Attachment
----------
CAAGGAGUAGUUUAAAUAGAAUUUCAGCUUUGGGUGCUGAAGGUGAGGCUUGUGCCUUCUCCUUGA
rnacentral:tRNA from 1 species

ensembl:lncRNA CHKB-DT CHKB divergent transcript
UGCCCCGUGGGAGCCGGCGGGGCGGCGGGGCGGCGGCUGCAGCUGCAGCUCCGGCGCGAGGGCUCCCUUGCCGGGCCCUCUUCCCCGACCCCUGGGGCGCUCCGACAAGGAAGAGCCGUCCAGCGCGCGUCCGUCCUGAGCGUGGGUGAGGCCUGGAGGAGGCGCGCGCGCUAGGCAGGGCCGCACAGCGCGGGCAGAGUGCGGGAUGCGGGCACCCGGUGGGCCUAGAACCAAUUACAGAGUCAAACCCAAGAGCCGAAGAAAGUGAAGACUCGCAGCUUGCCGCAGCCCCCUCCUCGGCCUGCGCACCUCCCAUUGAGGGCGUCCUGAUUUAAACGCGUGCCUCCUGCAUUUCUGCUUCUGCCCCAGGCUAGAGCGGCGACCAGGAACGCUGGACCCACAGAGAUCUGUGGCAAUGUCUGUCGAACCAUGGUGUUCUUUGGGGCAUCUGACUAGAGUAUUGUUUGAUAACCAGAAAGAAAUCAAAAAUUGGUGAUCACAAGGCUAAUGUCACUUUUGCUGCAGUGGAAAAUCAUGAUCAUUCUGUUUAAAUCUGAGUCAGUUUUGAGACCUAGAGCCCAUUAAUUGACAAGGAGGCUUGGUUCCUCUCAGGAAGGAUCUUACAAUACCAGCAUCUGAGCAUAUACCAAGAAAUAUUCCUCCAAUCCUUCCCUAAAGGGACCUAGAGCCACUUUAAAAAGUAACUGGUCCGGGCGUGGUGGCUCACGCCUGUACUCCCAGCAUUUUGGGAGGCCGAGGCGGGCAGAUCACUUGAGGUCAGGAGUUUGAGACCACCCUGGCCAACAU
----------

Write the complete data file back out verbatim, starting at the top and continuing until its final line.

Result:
CAAGGAGUAGUUUAAAUAGAAUUUCAGCUUUGGGUGCUGAAGGUGAGGCUUGUGCCUUCUCCUUGA
rnacentral:tRNA from 1 species

ensembl:lncRNA CHKB-DT CHKB divergent transcript
UGCCCCGUGGGAGCCGGCGGGGCGGCGGGGCGGCGGCUGCAGCUGCAGCUCCGGCGCGAGGGCUCCCUUGCCGGGCCCUCUUCCCCGACCCCUGGGGCGCUCCGACAAGGAAGAGCCGUCCAGCGCGCGUCCGUCCUGAGCGUGGGUGAGGCCUGGAGGAGGCGCGCGCGCUAGGCAGGGCCGCACAGCGCGGGCAGAGUGCGGGAUGCGGGCACCCGGUGGGCCUAGAACCAAUUACAGAGUCAAACCCAAGAGCCGAAGAAAGUGAAGACUCGCAGCUUGCCGCAGCCCCCUCCUCGGCCUGCGCACCUCCCAUUGAGGGCGUCCUGAUUUAAACGCGUGCCUCCUGCAUUUCUGCUUCUGCCCCAGGCUAGAGCGGCGACCAGGAACGCUGGACCCACAGAGAUCUGUGGCAAUGUCUGUCGAACCAUGGUGUUCUUUGGGGCAUCUGACUAGAGUAUUGUUUGAUAACCAGAAAGAAAUCAAAAAUUGGUGAUCACAAGGCUAAUGUCACUUUUGCUGCAGUGGAAAAUCAUGAUCAUUCUGUUUAAAUCUGAGUCAGUUUUGAGACCUAGAGCCCAUUAAUUGACAAGGAGGCUUGGUUCCUCUCAGGAAGGAUCUUACAAUACCAGCAUCUGAGCAUAUACCAAGAAAUAUUCCUCCAAUCCUUCCCUAAAGGGACCUAGAGCCACUUUAAAAAGUAACUGGUCCGGGCGUGGUGGCUCACGCCUGUACUCCCAGCAUUUUGGGAGGCCGAGGCGGGCAGAUCACUUGAGGUCAGGAGUUUGAGACCACCCUGGCCAACAU